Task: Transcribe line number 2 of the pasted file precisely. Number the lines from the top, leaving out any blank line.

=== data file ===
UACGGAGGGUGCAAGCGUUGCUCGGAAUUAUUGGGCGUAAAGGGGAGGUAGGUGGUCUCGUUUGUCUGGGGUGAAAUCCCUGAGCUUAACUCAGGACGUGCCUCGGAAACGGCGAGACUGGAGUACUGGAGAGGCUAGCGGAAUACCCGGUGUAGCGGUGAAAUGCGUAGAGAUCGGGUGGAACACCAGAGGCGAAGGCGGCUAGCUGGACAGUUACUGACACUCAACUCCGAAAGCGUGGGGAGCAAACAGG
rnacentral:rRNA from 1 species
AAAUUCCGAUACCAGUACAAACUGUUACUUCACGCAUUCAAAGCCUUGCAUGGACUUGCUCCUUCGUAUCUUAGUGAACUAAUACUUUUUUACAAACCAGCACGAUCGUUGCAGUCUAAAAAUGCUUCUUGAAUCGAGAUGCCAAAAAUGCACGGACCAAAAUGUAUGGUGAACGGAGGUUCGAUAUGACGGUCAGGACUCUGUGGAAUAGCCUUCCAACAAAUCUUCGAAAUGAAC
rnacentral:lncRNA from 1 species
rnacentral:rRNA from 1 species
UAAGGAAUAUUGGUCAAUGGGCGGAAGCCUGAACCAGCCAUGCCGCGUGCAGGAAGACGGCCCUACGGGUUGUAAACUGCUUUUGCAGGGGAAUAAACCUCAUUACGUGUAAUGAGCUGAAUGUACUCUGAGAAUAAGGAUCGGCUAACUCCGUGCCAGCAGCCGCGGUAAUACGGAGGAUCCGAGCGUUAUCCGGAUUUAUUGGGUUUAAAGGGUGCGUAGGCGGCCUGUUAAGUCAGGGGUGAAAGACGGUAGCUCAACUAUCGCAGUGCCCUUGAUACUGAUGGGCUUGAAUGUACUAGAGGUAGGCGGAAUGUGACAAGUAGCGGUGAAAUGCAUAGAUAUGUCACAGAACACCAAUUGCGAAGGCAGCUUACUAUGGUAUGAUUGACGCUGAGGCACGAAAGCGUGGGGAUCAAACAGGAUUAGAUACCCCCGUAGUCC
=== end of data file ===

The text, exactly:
rnacentral:rRNA from 1 species